Pennant’s Swimming Crabs on Rhossili beach

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The small crab Portumnus latipes (Pennant) emerging from the wet sand at low tide level on Rhossili beach, Gower, South Wales, UK (1)

Emerging largely un-noticed from the wet sand at low tide level at Rhossili Bay, Gower Peninsula, this small crab seems to be pushing up at least its own weight in sand.

Rinsed off in some standing water on the shore, you can see a few more details which allows me to suggest it is Pennant’s Swimming Crab, Portumnus latipes (Pennant).

The living crab Portumnus latipes (Pennant) found on the lower shore at Rhossili Bay, Gower, South Wales, UK (2)

This crab lives on the sand at low tide level and in the sublittoral up to a depth of 150m. It frequently buries itself in the wet sand to a depth of a couple of centimetres – as this individual had done to protect itself when the tide was out.

The crab in the two pictures below didn’t survive its burial in the sand; perhaps trodden on by one of the many surfers who use this stretch of the beach. However, its demise makes it possible to demonstrate the diagnostic features of the species more clearly.

The small crab Portumnus latipes (Pennant), deaceased, upper surface, on the sand at Rhossili Bay, Gower, South Wales, UK (3)

The carapace is about 2 cm long and it is slightly elongate and heart-shaped, reddish with white mottling. Between the eyes there are three blunt ‘teeth’ of which the central one is a bit longer. The front claws of chelipeds are more or less the same size and are usually held under the carapace. The back legs end with a flattened leaf-shaped or spear-shaped segment or pereopod that acts like a paddle to help it swim.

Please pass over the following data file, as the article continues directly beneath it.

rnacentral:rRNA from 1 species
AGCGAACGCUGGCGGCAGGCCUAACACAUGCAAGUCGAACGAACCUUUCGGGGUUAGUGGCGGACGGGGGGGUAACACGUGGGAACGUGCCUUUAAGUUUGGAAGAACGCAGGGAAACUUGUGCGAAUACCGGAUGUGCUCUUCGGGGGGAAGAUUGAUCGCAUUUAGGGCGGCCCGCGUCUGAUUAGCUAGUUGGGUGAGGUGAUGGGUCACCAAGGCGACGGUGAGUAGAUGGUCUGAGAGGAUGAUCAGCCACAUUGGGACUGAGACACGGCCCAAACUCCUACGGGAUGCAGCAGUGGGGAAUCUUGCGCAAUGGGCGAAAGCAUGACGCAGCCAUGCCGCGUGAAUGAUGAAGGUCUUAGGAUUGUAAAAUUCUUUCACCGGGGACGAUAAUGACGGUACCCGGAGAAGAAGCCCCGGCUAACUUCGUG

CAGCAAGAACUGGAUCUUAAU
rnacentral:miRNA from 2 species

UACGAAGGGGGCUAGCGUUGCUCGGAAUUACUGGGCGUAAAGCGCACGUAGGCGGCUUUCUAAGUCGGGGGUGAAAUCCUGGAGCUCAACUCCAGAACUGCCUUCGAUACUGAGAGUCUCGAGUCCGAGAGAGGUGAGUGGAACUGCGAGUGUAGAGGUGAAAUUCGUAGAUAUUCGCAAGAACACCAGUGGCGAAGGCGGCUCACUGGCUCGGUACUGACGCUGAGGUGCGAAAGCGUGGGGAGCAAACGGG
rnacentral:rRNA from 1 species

You can find more information about Pennant’s Swimming Crab and other British crabs on the Glaucus web site.

The small crab Portumnus latipes (Pennant), deceased, under surface, on the lower shore sand of Rhossili Bay, Gower, South Wales, UK (4)

Revision of a post first published 13 May 2009


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4 Replies to “Pennant’s Swimming Crabs on Rhossili beach”

  1. Hello Jessica, I’ve never noticed these crabs before, but I’ve seen similar on the beaches of Thailand.
    At low tide they come out of burrows and are noticeable by the all the little balls of sand around the burrow.
    When someone walks by they dart back down the burrow, coming out again a few seconds later.
    Are you aware of these?


  2. Hello, Ray. Quite a lot of crabs burrow in the sand. On a trip to Queensland in Australia a few years ago I saw several types of crab that burrowed, including the kind that you refer to. I haven’t written a post specifically about the species but there is a photo of the Sand Bubbler Crab on Kewarra Beach. Other crabs with similar habits for which there are postings are the Ghost Crab and the Soldier Crabs.


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